Denial / confirmation bias

How to Deal With Colleagues in Denial

Denial / confirmation biasWritten for EO by Dr. Gleb Tsipursky, disaster avoidance expert, speaker and author. 

When was the last time a colleague said something so ridiculous that it made your jaw drop? A four-year study by found that 23 percent of CEOs were fired for denying reality, meaning refusing to recognize negative facts about his or her organization’s performance.

Entrepreneurs typically respond when people deny reality by confronting them with the facts and arguments. But research suggests that’s exactly the wrong thing to do.

Research on confirmation bias shows that we tend to look for and interpret information in ways that conform to our beliefs. There is an emotional investment in continuing to believe what you want to believe. Furthermore, studies on a phenomenon called the backfire effect indicate that when we are presented with facts that cause us to feel bad about our self-worth or worldview, we may sometimes even develop a stronger attachment to the incorrect belief.

These mental blindspots are two of over 100 dangerous judgment errors that result from how our brains are wired—what scholars in cognitive neuroscience and behavioral economics call cognitive biases. Fortunately, recent research in these fields shows how you can use pragmatic strategies to address these dangerous judgment errors in your professional life.

Rather than arguing, it is much more effective to use a research-based strategy I developed called EGRIP (Emotions, Goals, Rapport, Information, Positive Reinforcement), which provides clear guidelines on how to deal with people who deny the facts.

For instance, consider the case of Mike, a new product development team lead in a rapidly-growing tech start-up. He set an ambitious goal for a product launch, and as more and more bugs kept creeping up, he refused to move the date. People tried to talk to him, but he hunkered down and kept insisting that the product would launch on time and work well. I was doing coaching for the company’s founder, and he asked me to talk to Mike and see what’s going on.

E – Connect with their emotions.

If someone denies clear facts you can safely assume that it’s their emotions that are leading them away from reality. While gut reactions can be helpful, they can also lead us astray. What works better is to focus on understanding their emotions and to determine what emotional blocks might cause them to stick their heads into the sand of reality.

What I discovered in my conversations with Mike was that he tied his self-worth and sense of success to “sticking to his guns,” associating strong leadership with consistency and afraid of appearing weak in his new role as the team lead. He believed team members were trying to undermine him by getting him to shift the schedule and admit he failed to deliver. This false association of leadership with consistency and fear of appearing weak is a frequent problem for new leaders.

G – Establish shared goals.

Then, you need to establish shared goals, which is crucial for effective knowledge sharing. I spoke with Mike about how we both shared the goal of having him succeed as a leader in the company. Likewise, we both shared the goal of having the new product be profitable.

R – Build rapport.

Next, build up a rapport by establishing trust. Use empathetic listening to echo their emotions and show you understand how they feel. I spoke to Mike about how it must hard to be worried about the loyalty of one’s team members, and also discussed what he thinks makes someone a strong leader.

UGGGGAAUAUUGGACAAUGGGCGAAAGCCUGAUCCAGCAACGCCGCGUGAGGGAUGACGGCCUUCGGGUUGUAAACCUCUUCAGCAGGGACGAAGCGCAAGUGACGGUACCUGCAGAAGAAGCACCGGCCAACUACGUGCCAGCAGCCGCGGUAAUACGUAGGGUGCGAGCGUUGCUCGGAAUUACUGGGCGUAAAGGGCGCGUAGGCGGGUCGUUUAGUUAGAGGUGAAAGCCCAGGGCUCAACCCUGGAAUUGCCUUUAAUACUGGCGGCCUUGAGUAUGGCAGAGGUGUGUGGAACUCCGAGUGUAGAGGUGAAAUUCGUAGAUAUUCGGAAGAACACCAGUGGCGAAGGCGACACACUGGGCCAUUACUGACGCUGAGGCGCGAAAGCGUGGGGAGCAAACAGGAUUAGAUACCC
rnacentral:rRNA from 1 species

I – Provide information.

At this point, start providing new information that might prove a bit challenging, but would not touch the actual pain point.

I described to Mike how research suggests one of the most important signs of being a strong leader is the ability to change your mind based on new evidence, giving examples such as Alan Mulally saving Ford Motor Company through repeated changes of course. If I had begun with this information, Mike might have perceived it as threatening. However, slipping it in naturally as part of a broader conversation after cultivating rapport built on shared goals. Mike accepted the information calmly.

P – Provide positive reinforcement.

Then, after the person changes their perspective, provide them with positive reinforcement, which is a research-based tactic of shifting someone’s emotions. The more positive emotions the person associates with the ability to accept negative facts as an invaluable skill, the less likely anyone will need to have the same conversation with them in the future.

With Mike, I discussed where he can best exhibit these characteristics to show those who might try to undermine him what a strong leader he is, and at the same time make the new product as profitable as possible. I directed the conversation toward how he can show strength by delaying the launch of the new product. Eventually, he agreed, and I praised his ability to show strength and leadership by shifting his perspective based on new evidence.

Good luck, and remember that you can use EGRIP not simply in professional settings, but in all situations where you want to steer others away from false beliefs that cause them to deny reality.

Dr. Gleb Tsipursky is on a mission to protect leaders from dangerous judgment errors known as cognitive biases by developing the most effective decision-making strategies. With over 20 years of experience as CEO of the training, coaching, and consulting firm Disaster Avoidance Experts, he also spent over 15 years in academia as a cognitive neuroscientist and behavioral economist. He’s an EO speaker, a recent EO 360° podcast guest and author of Never Go With Your Gut (2019), The Blindspots Between Us (2020), and The Truth Seeker’s Handbook (2017).



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